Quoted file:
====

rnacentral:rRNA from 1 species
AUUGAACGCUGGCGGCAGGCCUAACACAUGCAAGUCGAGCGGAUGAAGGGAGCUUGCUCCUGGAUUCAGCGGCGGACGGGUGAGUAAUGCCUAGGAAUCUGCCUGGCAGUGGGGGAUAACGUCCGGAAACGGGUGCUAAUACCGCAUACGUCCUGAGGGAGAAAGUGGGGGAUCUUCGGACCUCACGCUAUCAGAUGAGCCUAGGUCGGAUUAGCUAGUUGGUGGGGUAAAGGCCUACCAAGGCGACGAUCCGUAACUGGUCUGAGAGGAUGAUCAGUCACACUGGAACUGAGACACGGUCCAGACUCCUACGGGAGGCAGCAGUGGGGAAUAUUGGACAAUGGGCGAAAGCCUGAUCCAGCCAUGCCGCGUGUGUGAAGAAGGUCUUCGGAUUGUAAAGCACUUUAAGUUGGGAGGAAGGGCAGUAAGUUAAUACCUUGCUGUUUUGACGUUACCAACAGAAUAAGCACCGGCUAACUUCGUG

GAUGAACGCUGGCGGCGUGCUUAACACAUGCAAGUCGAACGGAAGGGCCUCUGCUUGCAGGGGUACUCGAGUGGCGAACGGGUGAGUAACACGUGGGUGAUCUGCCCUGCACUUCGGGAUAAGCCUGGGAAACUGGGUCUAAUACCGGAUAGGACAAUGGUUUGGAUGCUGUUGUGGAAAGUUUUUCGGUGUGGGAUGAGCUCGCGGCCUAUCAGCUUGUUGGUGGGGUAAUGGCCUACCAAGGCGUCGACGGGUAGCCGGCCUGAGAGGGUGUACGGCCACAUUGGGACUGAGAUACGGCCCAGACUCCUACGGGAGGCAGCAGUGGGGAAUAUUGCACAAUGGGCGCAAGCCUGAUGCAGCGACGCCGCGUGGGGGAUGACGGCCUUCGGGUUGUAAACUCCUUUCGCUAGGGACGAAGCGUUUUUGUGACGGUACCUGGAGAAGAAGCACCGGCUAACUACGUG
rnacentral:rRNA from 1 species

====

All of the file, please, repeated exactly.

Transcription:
rnacentral:rRNA from 1 species
AUUGAACGCUGGCGGCAGGCCUAACACAUGCAAGUCGAGCGGAUGAAGGGAGCUUGCUCCUGGAUUCAGCGGCGGACGGGUGAGUAAUGCCUAGGAAUCUGCCUGGCAGUGGGGGAUAACGUCCGGAAACGGGUGCUAAUACCGCAUACGUCCUGAGGGAGAAAGUGGGGGAUCUUCGGACCUCACGCUAUCAGAUGAGCCUAGGUCGGAUUAGCUAGUUGGUGGGGUAAAGGCCUACCAAGGCGACGAUCCGUAACUGGUCUGAGAGGAUGAUCAGUCACACUGGAACUGAGACACGGUCCAGACUCCUACGGGAGGCAGCAGUGGGGAAUAUUGGACAAUGGGCGAAAGCCUGAUCCAGCCAUGCCGCGUGUGUGAAGAAGGUCUUCGGAUUGUAAAGCACUUUAAGUUGGGAGGAAGGGCAGUAAGUUAAUACCUUGCUGUUUUGACGUUACCAACAGAAUAAGCACCGGCUAACUUCGUG

GAUGAACGCUGGCGGCGUGCUUAACACAUGCAAGUCGAACGGAAGGGCCUCUGCUUGCAGGGGUACUCGAGUGGCGAACGGGUGAGUAACACGUGGGUGAUCUGCCCUGCACUUCGGGAUAAGCCUGGGAAACUGGGUCUAAUACCGGAUAGGACAAUGGUUUGGAUGCUGUUGUGGAAAGUUUUUCGGUGUGGGAUGAGCUCGCGGCCUAUCAGCUUGUUGGUGGGGUAAUGGCCUACCAAGGCGUCGACGGGUAGCCGGCCUGAGAGGGUGUACGGCCACAUUGGGACUGAGAUACGGCCCAGACUCCUACGGGAGGCAGCAGUGGGGAAUAUUGCACAAUGGGCGCAAGCCUGAUGCAGCGACGCCGCGUGGGGGAUGACGGCCUUCGGGUUGUAAACUCCUUUCGCUAGGGACGAAGCGUUUUUGUGACGGUACCUGGAGAAGAAGCACCGGCUAACUACGUG
rnacentral:rRNA from 1 species